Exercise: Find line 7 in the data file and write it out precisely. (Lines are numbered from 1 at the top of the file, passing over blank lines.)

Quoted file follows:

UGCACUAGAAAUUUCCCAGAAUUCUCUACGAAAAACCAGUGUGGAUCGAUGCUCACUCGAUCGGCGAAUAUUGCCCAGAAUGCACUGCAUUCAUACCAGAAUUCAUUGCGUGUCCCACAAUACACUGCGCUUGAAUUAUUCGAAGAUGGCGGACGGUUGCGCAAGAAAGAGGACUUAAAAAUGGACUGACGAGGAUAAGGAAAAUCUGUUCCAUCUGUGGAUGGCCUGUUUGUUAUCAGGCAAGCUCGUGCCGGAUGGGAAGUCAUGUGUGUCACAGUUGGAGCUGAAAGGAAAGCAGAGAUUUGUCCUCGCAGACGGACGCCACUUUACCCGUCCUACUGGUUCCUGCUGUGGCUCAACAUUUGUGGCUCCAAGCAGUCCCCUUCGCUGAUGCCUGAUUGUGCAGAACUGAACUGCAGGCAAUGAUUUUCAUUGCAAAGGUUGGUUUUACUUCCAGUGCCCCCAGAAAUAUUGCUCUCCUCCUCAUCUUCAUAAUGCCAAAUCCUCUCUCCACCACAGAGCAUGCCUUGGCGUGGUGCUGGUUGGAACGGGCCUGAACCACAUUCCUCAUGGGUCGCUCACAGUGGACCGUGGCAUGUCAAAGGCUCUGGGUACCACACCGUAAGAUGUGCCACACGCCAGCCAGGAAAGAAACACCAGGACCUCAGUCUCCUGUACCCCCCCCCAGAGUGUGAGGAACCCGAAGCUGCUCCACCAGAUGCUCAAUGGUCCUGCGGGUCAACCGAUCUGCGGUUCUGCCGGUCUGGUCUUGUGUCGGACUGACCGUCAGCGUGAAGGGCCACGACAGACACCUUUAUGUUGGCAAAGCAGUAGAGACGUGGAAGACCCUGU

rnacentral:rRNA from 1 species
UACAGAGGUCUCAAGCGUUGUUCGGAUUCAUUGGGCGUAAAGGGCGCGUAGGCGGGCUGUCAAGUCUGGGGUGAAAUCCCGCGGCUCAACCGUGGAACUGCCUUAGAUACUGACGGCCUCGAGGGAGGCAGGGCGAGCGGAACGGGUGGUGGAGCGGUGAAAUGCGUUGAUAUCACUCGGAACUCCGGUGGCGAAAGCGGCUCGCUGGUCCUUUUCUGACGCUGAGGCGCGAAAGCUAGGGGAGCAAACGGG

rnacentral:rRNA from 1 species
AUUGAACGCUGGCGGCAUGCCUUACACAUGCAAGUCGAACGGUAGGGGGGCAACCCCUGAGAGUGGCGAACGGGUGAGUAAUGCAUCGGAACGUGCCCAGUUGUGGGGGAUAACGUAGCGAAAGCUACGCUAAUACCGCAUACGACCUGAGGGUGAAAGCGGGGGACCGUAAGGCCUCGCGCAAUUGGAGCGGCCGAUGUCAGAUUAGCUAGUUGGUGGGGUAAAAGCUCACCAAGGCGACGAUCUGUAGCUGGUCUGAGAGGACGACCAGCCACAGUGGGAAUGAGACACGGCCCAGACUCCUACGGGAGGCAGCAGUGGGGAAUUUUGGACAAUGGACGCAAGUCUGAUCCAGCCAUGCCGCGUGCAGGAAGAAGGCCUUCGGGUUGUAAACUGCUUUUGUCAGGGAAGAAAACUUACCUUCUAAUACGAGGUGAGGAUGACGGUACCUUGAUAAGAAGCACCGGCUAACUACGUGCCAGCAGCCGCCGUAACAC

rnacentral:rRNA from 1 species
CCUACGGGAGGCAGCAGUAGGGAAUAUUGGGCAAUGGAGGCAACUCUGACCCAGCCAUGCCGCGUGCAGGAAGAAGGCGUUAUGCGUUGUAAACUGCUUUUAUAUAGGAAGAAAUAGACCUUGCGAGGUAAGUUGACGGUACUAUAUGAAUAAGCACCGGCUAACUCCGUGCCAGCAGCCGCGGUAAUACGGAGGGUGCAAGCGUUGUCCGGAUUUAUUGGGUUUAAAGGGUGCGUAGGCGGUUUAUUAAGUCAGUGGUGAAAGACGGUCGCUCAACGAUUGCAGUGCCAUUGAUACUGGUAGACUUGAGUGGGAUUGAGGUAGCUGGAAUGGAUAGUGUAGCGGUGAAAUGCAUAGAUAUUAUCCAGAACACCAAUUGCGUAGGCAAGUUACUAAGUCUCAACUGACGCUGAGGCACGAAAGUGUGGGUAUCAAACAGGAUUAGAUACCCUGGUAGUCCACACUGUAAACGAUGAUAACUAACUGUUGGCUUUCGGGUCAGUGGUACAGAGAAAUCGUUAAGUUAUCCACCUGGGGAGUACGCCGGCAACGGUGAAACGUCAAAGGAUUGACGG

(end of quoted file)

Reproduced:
CCUACGGGAGGCAGCAGUAGGGAAUAUUGGGCAAUGGAGGCAACUCUGACCCAGCCAUGCCGCGUGCAGGAAGAAGGCGUUAUGCGUUGUAAACUGCUUUUAUAUAGGAAGAAAUAGACCUUGCGAGGUAAGUUGACGGUACUAUAUGAAUAAGCACCGGCUAACUCCGUGCCAGCAGCCGCGGUAAUACGGAGGGUGCAAGCGUUGUCCGGAUUUAUUGGGUUUAAAGGGUGCGUAGGCGGUUUAUUAAGUCAGUGGUGAAAGACGGUCGCUCAACGAUUGCAGUGCCAUUGAUACUGGUAGACUUGAGUGGGAUUGAGGUAGCUGGAAUGGAUAGUGUAGCGGUGAAAUGCAUAGAUAUUAUCCAGAACACCAAUUGCGUAGGCAAGUUACUAAGUCUCAACUGACGCUGAGGCACGAAAGUGUGGGUAUCAAACAGGAUUAGAUACCCUGGUAGUCCACACUGUAAACGAUGAUAACUAACUGUUGGCUUUCGGGUCAGUGGUACAGAGAAAUCGUUAAGUUAUCCACCUGGGGAGUACGCCGGCAACGGUGAAACGUCAAAGGAUUGACGG